Symmonds: My two biggest passions after the marathon are growing Run Gum and climbing the world’s biggest peaks. This summer I spent a lot of time in the mountains learning skills that I’ll need to know to climb bigger mountains. As soon as I retire from pro running, I’ll transition into pro mountain climbing. Of course, with that, I’m working as the CEO of Run Gum and this company will turn 3 on Oct. 14, and it’s been such a pleasure to create something like this. It’s been able to fuel and inspire thousands of people.
We want to continue to do that and my business partner and I are all in on Run Gum for the next decade or so.
Where did you come up with the idea for Run Gum?
Symmonds: I was looking for something that would boost my performance in practice and racing, and I was turning to a lot of the traditional energy products — energy drinks, coffee, energy shots. They all required me to swallow some liquid and that would slosh around in my stomach and bother me, and a lot of times I’d end up throwing up that energy product. So I thought let’s get rid of all the junk I don’t want. There’s no reason to drink anything, you can absorb all of these stimulants sublingually …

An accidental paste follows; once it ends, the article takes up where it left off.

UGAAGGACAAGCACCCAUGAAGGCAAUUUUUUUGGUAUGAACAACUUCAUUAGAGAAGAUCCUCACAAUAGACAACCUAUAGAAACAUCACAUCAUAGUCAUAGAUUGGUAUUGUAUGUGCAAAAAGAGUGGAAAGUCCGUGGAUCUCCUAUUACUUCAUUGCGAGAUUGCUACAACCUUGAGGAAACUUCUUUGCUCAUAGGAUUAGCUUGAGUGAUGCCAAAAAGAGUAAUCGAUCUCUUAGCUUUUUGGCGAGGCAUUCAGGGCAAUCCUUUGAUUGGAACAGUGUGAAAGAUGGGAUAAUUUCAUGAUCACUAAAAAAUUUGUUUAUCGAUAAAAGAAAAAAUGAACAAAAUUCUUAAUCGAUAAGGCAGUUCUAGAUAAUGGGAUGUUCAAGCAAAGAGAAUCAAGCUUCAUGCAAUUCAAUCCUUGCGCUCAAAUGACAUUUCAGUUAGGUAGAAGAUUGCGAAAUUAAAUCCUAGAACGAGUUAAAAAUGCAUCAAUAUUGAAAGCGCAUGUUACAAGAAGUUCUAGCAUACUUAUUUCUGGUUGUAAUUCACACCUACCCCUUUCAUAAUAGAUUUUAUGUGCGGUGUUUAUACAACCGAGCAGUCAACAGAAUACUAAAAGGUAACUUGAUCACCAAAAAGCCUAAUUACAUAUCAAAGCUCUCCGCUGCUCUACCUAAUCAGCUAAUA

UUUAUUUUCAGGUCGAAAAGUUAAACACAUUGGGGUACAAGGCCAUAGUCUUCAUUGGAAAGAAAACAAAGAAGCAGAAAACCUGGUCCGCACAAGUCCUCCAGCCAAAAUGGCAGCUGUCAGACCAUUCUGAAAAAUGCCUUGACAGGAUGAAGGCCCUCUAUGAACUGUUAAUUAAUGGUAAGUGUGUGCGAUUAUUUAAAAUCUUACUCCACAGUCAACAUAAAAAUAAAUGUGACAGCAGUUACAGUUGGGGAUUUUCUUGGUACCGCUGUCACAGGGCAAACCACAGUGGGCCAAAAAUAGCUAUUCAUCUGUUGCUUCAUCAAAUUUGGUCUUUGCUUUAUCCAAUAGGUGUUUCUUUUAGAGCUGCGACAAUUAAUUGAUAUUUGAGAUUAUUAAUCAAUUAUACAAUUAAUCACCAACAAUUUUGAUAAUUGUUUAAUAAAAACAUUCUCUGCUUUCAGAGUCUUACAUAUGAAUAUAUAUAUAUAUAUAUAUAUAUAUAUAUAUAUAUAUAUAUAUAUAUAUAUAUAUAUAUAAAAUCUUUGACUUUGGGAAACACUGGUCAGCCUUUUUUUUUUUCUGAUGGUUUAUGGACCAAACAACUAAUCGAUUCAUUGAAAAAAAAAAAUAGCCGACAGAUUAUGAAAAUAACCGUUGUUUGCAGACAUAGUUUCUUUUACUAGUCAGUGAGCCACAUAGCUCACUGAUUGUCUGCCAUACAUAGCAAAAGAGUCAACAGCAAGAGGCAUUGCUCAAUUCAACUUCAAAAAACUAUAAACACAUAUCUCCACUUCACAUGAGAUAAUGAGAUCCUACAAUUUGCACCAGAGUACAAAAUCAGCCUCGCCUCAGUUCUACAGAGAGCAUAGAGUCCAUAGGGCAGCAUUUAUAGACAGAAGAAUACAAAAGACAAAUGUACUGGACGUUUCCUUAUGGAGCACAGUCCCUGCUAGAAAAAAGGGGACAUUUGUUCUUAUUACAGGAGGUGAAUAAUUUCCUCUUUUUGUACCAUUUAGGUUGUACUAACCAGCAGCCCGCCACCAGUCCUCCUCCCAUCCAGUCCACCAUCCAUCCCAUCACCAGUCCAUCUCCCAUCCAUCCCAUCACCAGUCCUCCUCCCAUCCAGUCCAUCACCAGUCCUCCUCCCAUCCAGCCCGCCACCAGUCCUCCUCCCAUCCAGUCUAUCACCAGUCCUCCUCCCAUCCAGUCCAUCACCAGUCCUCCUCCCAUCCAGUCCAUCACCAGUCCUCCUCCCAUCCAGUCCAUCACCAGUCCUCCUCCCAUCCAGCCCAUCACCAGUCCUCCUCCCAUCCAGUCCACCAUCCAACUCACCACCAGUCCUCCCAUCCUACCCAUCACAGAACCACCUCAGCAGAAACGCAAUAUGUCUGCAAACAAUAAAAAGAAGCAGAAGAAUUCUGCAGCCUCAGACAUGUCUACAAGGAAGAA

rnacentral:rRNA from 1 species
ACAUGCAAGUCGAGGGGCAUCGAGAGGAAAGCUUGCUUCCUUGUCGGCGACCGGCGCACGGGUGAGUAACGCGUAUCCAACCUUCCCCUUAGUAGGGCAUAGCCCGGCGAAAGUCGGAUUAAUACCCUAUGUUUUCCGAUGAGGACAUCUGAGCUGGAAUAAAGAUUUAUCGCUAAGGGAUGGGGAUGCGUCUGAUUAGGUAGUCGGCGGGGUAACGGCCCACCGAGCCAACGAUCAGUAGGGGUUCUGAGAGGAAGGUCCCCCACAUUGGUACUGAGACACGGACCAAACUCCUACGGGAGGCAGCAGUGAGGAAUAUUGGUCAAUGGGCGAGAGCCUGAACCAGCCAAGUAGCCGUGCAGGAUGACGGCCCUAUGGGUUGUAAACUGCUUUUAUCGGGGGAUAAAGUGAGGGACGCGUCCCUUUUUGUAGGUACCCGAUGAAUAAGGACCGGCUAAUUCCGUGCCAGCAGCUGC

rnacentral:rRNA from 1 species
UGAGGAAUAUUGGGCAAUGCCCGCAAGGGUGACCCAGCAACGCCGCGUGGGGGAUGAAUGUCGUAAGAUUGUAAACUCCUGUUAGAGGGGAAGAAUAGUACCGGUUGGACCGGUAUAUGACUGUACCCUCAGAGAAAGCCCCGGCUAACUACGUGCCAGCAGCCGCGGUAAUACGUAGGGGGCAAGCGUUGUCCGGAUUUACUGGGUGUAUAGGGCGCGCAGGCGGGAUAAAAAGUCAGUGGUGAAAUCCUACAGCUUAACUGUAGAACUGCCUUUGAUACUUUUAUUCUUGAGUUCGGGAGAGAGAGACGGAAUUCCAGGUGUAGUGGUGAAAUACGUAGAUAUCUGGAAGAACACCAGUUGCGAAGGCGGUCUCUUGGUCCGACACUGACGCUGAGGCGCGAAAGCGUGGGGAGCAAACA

So I took my favorite energy drink, dehydrated it and took the actives out of that energy drink and infused it into 2 pieces of chewing gum, and that’s what Run Gum is.
I was using it in my own training and racing, but everybody else around me saw me utilizing this product said I want that, and that’s when we knew we had a product that could be very successful.
Do you feel like a scientist?
Symmonds: Well I do have a degree in biochemistry so it is scientific. I knew this was a better way to absorb these stimulants.
When people try it, it hits them so quickly. It’s so unusual. It’s such a unique way to get energy that they usually come back for more. I do joke a bit that we’re drug dealers, we get people hooked on our product but in a functional way. Caffeine, by all means, is a drug. It is a very functional drug if used correctly can help enhance a person’s life whether it’s in sport or business or just getting through their busy day.